Abaciscus is worked in Dirty Water Dyeworks Clara, a 100% Blue Faced Leicester worsted-weight wool.

Abaciscus-GZWhen I’m working on a new idea, sometimes I’ll open a new file in Illustrator to start playing with shapes and see how they interrelate. In this case, I was playing with a hollow oblong, and how it could be made to look like it was linking up with others like it. As the tiling progressed, I was reminded of a carved Chinese wooden screen. My father lived in Taiwan for about a decade when I was in my adolescence, and when he finally came back he had a new wife, fluency in several Chinese dialects, and a large collection of Chinese art including a number of these screens which he mounted in his windows. So when I cast about for a name for the new cowl pattern, I wanted a Chinese word. The working title was “Yingzao” which refers to a sort of ancient building-standards manual. But here’s the thing about Chinese — a word’s meaning can change depending on inflection. I didn’t know the correct inflection and I didn’t want to be caught saying (or making you say) something rude or nonsensical due to the wrong inflection — so I put out a call for naming suggestions. The winner was Nathan Taylor (aka sockmatician) with “Abaciscus” so that’ll be the name going forward.


Something I’m doing differently in Double Or Nothing than I did in Extreme Double-Knitting is that I’m trying to use yarn I’m really excited about for some reason, not just yarn that’s easy to get. If I understand my audience as I think I do, you’re not the type of people to be put off if you can’t get the exact yarn in the exact colors I knit it in. You’re willing to go to some length to use awesome yarn, but you’re also willing to substitute when necessary. So I’m going to talk up the yarns I chose — with the hopes that you’ll also get excited about them, search them out and use them. But I’ll understand if you don’t.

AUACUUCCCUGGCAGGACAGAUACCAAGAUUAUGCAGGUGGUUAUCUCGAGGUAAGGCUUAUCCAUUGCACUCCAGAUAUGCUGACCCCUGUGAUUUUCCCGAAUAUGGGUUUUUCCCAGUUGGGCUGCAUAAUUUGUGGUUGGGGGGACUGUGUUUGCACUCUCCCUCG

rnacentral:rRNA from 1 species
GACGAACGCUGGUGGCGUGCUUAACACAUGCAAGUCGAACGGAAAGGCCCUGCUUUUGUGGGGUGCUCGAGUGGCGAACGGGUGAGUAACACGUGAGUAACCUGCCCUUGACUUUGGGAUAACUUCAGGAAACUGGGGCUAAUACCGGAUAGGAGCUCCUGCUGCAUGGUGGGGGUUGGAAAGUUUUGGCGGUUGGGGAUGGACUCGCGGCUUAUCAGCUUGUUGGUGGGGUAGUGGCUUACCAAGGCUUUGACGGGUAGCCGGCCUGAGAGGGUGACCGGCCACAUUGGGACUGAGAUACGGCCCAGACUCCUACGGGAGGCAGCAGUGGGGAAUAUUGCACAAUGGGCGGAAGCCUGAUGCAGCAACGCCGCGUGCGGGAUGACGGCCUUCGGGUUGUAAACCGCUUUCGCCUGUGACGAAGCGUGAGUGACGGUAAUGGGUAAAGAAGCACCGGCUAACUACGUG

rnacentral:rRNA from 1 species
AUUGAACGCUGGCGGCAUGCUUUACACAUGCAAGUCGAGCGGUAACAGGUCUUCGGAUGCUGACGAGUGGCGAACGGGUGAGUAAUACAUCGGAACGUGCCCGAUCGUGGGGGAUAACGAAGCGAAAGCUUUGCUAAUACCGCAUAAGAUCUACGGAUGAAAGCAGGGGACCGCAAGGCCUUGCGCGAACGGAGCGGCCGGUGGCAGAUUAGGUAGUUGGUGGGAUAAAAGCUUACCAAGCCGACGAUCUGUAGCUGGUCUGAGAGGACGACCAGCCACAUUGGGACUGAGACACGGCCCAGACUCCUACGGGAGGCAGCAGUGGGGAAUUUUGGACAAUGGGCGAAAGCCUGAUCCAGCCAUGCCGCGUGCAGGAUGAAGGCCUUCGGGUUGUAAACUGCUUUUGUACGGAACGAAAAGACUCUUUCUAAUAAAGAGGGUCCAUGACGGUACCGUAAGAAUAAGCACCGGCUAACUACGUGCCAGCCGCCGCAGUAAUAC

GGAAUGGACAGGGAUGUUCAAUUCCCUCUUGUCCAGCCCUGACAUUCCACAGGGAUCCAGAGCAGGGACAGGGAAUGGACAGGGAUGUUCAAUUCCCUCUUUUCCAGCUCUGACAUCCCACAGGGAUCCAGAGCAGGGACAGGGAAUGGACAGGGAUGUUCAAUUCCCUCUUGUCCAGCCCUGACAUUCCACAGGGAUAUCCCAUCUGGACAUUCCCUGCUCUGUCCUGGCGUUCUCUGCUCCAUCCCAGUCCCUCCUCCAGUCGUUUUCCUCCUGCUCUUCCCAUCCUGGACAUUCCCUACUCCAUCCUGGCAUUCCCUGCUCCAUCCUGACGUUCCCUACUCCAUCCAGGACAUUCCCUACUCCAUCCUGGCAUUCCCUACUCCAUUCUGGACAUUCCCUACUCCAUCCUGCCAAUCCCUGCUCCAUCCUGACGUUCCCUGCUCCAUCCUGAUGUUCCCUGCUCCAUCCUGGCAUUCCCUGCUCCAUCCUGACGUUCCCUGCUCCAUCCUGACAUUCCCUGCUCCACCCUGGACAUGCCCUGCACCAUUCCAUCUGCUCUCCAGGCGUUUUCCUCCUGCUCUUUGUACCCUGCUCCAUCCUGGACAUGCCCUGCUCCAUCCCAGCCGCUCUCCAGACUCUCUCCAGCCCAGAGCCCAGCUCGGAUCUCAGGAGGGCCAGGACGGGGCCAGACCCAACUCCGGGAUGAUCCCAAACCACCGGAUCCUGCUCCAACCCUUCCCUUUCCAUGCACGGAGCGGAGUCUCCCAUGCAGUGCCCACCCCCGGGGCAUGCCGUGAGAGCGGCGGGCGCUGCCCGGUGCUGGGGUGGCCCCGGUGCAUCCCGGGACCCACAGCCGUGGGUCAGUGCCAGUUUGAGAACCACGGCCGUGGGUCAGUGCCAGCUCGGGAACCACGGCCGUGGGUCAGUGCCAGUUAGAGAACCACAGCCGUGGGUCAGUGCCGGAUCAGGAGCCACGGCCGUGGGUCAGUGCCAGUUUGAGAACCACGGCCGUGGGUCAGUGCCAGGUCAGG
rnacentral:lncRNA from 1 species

One of mAbaciscus-AWy tenets is “buy local” whenever possible. That doesn’t mean I never order stuff from Amazon, but if it’s something I can get from a local business I try to do so. It also means that if I know someone who, like me, is trying to keep a small craft-based business afloat, I keep them in mind when I’m deciding on those sorts of materials or products. Dirty Water Dyeworks is one such company. Stephanie has been an active member of the Common Cod Fiber Guild, which I cofounded with a couple of friends back in 2008, for quite some time and it’s been great to watch her build her business from a small Boston-area brand to a yarn line popular all over New England and beyond. Unlike many up-and-coming indie dyers, Dirty Water branches out of the solely Superwash Merino blends and takes risks with breed-specific wools as well. Granted, it’s not much of a risk — people are getting more and more into yarns from breeds like Cormo, Polwarth, Targhee, and Blue Faced Leicester (or BFL for short). The yarn I chose for this pattern is one such 100% BFL base, and the lovely hand and slight shimmer are more than enough reason to search out this or some other worsted-weight BFL.

Interested in this pattern? It’ll be coming out in my new book “Double Or Nothing: Reversible Knitwear For The Adventurous” in December of 2016. Get the news first when it’s ready for preorder by joining the mailing list! Thanks!